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Accelerate.framework example ?

April 11, 2010 | 4:02 pm

Hello maxers,

is anybody know a link to an external C code example using Accelerate.framework ?


April 12, 2010 | 6:53 pm

Add the framework to your Xcode project (and relevant targets), and include headers like this:


That’s all you need to do to get it working. How to code for the framework can be figured out by reading the docs – depends what you want to do with it really.



April 13, 2010 | 3:16 am

"username phidjee(sp?) turned me onto Accelerate"

Still there ;-)

The thread was:
Then, you get a code that looks like that:

// calculate the MIDI note for each frequency (plus 0.5 integer floor margin)
// MIDI note = 69.5 + 12 * log2(freq / A440)
vDSP_vsdivD(frequencies, 1, &a440, x->mFloatBuffer, 1, size);
vvlog(x->mFloatBuffer2, x->mFloatBuffer, &size);
vDSP_vsmulD(x->mFloatBuffer2, 1, &x->mTwelveILog2, x->mFloatBuffer, 1, size);
vDSP_vsaddD(x->mFloatBuffer, 1, &x->mSixtyNineHalf, x->mFloatBuffer2, 1, size);

April 13, 2010 | 6:03 am

Hello maxers,

i was curious more about vBasicOps.h and vfp.h ; i read docs from Apple, and few others : still some things i don’t understand well ; f.e. how to allocate/free dynamic aligned data with max SDK, the best way to connect t_atom to vFloat etc … Fair enough, will try … Sure, but a good-looking small example code would avoid me a dozen of crash ?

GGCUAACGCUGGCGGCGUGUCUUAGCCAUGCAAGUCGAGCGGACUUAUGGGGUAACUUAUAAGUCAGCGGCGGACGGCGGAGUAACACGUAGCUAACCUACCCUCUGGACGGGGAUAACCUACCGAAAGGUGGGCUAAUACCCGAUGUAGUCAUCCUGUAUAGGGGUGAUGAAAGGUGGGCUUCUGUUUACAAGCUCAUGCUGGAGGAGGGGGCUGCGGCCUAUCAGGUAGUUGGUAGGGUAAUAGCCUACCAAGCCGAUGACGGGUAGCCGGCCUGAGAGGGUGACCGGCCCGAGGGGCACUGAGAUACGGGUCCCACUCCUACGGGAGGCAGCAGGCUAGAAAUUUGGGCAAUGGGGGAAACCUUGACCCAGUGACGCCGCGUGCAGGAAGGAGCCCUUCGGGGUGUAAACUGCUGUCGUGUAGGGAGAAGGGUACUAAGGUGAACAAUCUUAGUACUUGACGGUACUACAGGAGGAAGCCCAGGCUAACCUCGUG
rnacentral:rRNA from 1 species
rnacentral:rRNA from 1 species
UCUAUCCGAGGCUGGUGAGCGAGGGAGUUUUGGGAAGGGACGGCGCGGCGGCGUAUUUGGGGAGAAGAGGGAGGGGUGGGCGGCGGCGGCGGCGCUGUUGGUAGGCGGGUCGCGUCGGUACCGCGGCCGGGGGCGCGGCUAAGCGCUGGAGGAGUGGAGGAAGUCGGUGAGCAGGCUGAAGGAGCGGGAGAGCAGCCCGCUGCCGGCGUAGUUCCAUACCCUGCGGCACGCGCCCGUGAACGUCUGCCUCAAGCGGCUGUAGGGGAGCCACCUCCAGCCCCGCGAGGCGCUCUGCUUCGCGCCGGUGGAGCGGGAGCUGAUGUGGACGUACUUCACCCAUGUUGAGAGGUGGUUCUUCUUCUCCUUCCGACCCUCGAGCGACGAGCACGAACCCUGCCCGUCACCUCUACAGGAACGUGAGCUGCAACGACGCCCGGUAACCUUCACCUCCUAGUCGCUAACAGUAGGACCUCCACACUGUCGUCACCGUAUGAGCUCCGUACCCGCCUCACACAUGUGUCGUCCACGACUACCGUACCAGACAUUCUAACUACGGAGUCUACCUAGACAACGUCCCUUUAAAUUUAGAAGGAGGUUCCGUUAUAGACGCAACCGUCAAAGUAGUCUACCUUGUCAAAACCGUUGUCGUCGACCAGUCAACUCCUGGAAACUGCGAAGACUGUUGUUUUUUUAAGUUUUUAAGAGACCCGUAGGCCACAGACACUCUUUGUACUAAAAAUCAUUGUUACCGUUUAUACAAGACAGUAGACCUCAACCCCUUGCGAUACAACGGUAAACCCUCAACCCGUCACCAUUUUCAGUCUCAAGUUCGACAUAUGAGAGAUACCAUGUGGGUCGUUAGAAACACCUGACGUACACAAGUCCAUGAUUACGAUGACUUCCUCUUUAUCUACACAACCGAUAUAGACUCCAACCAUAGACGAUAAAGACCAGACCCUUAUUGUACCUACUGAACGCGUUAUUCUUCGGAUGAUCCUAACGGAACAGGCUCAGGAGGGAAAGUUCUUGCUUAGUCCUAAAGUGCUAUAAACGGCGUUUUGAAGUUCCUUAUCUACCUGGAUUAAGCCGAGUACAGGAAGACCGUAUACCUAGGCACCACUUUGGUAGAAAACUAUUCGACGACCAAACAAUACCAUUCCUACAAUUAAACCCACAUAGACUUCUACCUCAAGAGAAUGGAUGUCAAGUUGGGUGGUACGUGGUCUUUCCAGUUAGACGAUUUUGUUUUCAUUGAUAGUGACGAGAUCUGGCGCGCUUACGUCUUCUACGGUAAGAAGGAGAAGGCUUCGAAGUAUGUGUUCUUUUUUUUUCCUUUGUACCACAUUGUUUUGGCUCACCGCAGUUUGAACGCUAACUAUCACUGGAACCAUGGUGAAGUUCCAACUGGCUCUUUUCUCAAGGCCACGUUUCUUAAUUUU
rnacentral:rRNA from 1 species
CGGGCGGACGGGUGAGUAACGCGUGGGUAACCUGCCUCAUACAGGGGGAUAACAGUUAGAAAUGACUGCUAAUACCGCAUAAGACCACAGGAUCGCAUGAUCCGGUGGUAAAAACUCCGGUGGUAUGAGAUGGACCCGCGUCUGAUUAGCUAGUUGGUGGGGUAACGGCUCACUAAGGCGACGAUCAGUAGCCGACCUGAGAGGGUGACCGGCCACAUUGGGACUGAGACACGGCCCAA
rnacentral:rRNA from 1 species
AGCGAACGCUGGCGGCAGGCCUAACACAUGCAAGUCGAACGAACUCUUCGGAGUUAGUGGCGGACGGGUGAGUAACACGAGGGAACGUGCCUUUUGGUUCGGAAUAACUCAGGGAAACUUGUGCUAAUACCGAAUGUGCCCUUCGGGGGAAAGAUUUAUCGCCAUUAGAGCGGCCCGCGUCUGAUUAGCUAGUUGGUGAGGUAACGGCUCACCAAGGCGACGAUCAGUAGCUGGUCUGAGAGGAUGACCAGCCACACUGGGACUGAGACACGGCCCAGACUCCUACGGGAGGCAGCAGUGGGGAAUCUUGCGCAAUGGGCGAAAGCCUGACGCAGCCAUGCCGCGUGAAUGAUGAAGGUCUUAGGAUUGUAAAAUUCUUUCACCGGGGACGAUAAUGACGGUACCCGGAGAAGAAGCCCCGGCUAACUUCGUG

says that : "Pointers returned by Mac OS X’s malloc are aligned to multiples of 16 bytes", is sysmem_newptr ( ) do the same ?

April 13, 2010 | 7:32 am

I’ve personally never bothered to use vector ops for anything purely max based. I would only really consider doing this in a scenario where I was processing quite a lot of data in one go.

To deal with t_atoms you would probably need to copy everything out of an array of t_atoms to an aligned set of vFloats and then copy back into t_atoms when you are done (if necessary). The copying will not be that fast, because of having to deal with the union structure – another reason not to bother unless you are doing something pretty expensive in the first place (otherwise the overhead will kill any speed gain).

Where it is really worth it is in msp externals, where you can get some good speedups, and you are dealing with simple data types in the form of signals, which you can now (as of 5.1.3) assume to be aligned already.

In addition, I’d be really surprised if calling a number of functions to perform one operation each (as the above code) is really going to be that fast, because it’s always better to do more with your data once you’ve pulled it out of memory into the registers. As such, I always write my own loops using SSE or Altivec intrinsics. I use macros and #ifdefs to allow me to write one set of code that will compile for both platforms, although the PPC side of things is becoming less and less relevant.


April 13, 2010 | 8:25 am

Hello AlexHarker,

That’s right, it seems not very useful to use "vector ops for anything purely max based" in my external ; but i try to understand, (and i understand now), in case of !

To be honest i started with that as i was thinking about speeding up a math function who was very long to compute, and as usual : just change the algorithm divide by ten the time process, so bye bye Accelerate !

Maybe i’ll be back when i’ll have concrete task,
Thanks for reply.

PS : as a newbie i am still afraid with #ifdefs and co ;-)

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